Visiting Thailand had been one of my dreams since spacing out during my high school math classes. I pictured myself drinking fresh coconuts and looking like a goddess as I rode on the back of an elephant through a tropical jungle. When I finally got the chance to come to Thailand, I had myself plenty of coconuts but faced shattered dreams when I realized the horrors that stem from elephant riding.
After a whole host of research, it became quite apparent that these tourist funded elephant camps offered unforgettable experiences for visitors at the cost of the health and wellness of the elephants that people traveled so far to see.
Using a combination of physical abuse and breaking of their spirits, the animals are forced to perform tricks and carry tourists around against their wills. Not only is the training process abusive but the actual act of carrying passengers takes a toll on the elephant’s backs.
However, my dreams weren’t completely ruined as people out there do actually care about the ethical treatment of elephants and a refuge for those who have been mistreated was created at Elephant Nature Park in Chiang Mai.
We booked onto a small tour of about eight people and were taken on a 1 and ½ hour journey to the sanctuary. To keep us entertained during the drive, we were shown a documentary showcasing the work of the elephant camp and the horrifying back stories of the animals they have saved from the tourist and labor industries.
When arriving at Elephant Nature Park, it became apparent that the day would be extremely laid back and filled with real and gentle interactions with the elephants.
We watched them roam around freely and were given large baskets of watermelon and bananas to feed them as long as we cared for. Our guide walked us around the grounds and we spent hours petting, observing and feeding the gentle giants as we wandered amongst them throughout the day.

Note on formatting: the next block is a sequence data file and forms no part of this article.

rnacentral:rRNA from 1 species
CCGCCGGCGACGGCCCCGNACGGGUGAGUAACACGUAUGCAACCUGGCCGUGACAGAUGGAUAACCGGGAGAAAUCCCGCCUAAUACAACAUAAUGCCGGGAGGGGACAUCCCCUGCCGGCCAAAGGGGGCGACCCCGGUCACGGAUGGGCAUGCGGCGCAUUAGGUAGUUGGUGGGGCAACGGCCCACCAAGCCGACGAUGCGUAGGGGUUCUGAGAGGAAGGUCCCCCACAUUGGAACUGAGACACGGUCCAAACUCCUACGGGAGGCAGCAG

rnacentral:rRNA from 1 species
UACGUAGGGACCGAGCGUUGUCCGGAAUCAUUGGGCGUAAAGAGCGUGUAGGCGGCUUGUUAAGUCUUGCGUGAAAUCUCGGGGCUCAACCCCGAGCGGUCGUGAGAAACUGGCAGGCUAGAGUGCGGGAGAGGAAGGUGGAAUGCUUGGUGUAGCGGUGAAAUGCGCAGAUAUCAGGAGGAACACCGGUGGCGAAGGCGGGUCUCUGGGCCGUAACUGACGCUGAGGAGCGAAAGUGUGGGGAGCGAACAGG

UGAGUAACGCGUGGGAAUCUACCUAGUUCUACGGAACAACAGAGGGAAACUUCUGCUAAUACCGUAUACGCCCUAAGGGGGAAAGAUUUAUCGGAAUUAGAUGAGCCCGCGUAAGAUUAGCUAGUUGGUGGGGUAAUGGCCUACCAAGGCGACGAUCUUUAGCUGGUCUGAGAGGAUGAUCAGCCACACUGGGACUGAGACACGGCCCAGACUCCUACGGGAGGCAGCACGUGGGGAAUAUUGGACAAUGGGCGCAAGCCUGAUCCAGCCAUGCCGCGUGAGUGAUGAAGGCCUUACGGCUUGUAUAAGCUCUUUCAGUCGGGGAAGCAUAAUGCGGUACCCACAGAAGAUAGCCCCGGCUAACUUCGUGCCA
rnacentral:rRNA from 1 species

When we finished feeding the elephants their lunch, we headed up for our own and enjoyed the largest vegan buffet I had ever witnessed. A gesture that only reinforced the camp’s love for animals.
As the elephants were led into the river for their baths, we followed behind and were given buckets to help them wash their hard to reach spots and fed them more bananas while they cooled off.
We took one last wander around and watched the newest arrivals, two babies and their mothers play together and the volunteers working hard to help the place run. The volunteer program costs are around $400 USD which includes food and accommodation and is something I would love to do in the future.
This experience was invaluable to me as it opened my eyes to the unethical practices of animal tourism as well as the kindness and dedication of the animal activists out there.
Witnessing the volunteers who were giving back to a fantastic cause educated and inspired me to do what I can to support these causes too. I can’t wait to come back someday and share my passion for animals and a helping hand to this organization or one like it.